I liked the way the first filmed piece turned just as its initial premise (a car’s directional app only interrupts Dunham’s character when she attempts join in her companions’ singalong to The Five Stairsteps’ “O-o-h Child”), with the chipper quartet revealed as murderous vigilantes heading out to bury their victim. Dunham’s escalating impatience was amusingly done, but I was just starting to think Lorne had wasted the music licensing fee before the whole thing went to the unexpected (and appreciated) dark place.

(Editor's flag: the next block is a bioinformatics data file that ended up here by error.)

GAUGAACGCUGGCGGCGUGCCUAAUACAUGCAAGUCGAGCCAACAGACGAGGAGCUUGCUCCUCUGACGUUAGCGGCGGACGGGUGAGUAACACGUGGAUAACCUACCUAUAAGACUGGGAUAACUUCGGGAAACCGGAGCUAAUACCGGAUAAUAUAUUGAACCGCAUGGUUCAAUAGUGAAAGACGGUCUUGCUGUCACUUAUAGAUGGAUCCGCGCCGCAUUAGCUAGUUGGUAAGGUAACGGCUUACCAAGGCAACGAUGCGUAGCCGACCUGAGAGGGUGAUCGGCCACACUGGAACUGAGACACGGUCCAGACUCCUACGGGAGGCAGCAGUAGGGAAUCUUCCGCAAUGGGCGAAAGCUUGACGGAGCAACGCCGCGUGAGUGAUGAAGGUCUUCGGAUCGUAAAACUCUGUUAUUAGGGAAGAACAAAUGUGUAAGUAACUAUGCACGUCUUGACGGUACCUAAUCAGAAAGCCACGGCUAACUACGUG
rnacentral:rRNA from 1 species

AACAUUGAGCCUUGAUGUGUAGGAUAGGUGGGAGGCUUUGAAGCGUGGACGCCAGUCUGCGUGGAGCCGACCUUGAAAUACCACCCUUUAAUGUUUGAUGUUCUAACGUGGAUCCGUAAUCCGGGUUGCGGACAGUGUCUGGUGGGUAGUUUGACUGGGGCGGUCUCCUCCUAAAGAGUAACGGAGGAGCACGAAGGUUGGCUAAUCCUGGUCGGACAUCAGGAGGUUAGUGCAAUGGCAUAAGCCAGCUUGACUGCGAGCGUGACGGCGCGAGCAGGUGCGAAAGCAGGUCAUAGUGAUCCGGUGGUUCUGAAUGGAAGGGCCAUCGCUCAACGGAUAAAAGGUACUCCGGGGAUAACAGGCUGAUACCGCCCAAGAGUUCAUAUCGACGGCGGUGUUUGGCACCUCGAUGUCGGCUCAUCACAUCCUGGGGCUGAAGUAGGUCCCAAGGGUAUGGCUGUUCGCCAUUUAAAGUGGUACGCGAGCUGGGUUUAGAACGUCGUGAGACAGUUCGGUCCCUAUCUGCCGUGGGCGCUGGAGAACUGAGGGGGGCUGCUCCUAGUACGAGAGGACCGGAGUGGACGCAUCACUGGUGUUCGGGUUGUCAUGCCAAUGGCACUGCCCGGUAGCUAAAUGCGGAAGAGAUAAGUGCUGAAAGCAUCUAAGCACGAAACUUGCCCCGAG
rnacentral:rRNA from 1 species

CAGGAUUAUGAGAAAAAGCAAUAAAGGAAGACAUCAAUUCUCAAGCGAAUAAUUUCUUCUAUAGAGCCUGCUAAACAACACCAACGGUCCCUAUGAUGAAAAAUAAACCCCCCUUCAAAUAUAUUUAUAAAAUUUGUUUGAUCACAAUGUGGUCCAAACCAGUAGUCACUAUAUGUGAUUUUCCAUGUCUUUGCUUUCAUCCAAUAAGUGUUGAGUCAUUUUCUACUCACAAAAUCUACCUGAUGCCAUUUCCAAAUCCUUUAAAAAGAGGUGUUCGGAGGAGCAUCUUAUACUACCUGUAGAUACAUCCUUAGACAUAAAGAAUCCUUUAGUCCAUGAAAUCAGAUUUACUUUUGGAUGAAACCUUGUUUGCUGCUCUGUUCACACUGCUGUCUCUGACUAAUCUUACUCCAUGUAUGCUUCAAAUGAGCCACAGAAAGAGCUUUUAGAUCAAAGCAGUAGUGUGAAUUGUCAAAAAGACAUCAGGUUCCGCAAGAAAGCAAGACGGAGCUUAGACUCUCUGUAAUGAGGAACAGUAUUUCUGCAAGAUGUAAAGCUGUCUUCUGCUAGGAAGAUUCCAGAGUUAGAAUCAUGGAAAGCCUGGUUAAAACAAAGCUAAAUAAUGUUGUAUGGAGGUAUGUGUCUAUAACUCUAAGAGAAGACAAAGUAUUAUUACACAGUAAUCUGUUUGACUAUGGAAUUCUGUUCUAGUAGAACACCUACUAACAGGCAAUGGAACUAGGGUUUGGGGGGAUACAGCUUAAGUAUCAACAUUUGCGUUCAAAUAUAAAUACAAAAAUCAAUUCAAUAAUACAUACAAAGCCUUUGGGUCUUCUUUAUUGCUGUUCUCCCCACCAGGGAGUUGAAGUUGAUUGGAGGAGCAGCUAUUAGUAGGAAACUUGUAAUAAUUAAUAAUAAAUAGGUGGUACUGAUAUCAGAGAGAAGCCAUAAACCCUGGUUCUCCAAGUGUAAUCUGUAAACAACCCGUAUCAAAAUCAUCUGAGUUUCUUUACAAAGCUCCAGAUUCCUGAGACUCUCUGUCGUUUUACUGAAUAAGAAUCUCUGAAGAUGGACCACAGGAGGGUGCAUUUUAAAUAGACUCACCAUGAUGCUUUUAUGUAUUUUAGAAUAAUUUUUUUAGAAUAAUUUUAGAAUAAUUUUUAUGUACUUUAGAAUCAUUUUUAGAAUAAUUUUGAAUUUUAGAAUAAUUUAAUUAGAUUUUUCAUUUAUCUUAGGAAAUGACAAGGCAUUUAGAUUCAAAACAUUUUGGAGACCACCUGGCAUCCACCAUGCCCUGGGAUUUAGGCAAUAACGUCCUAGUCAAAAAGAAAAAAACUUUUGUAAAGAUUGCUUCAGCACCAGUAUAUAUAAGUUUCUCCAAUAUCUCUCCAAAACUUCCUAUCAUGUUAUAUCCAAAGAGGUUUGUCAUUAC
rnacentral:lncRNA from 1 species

Dunham’s first real test—and only real triumph—was in the Scandal parody, where her ditsy new associate Kelsey remains delightedly baffled by the nigh superhuman chicanery of Olivia Pope and Associates. Having never seen a single episode of Scandal (back off you guys—there is so much TV to watch, seriously), the joke still landed, since the premise was established just fine. Ordered to get to Mexico, infiltrate an embassy ball, and bug a diplomat’s wife, Dunham’s “Okay—I have, like, a thousand follow-up questions” spoke to viewers perhaps unconvinced that everything is quite as easy as the show makes it seem. Also, Kelsey’s objection that Olivia, “a beautiful black woman who only wears tailored pantsuits” should go on the mission since “these are the fanciest clothes I own” and her rejection of Olivia’s romantic woes since, “I wish my dating problem’s that my boyfriend’s the president” keep the joke flowing along with Dunham’s energetic character (although she was hitting the teleprompter especially hard throughout). And Sasheer Zamata has her first real star moment of the season—she anchors the sketch with a passable Kerry Washington, but it’s her bit of business reacting rapturously to Taran Killam’s Fitz putting his fingers in her mouth that is one of those small but impactful things that stick in the audience’s mind. It’s a funny bit because it pops—there’s really no more scientific explanation for SNL success than that.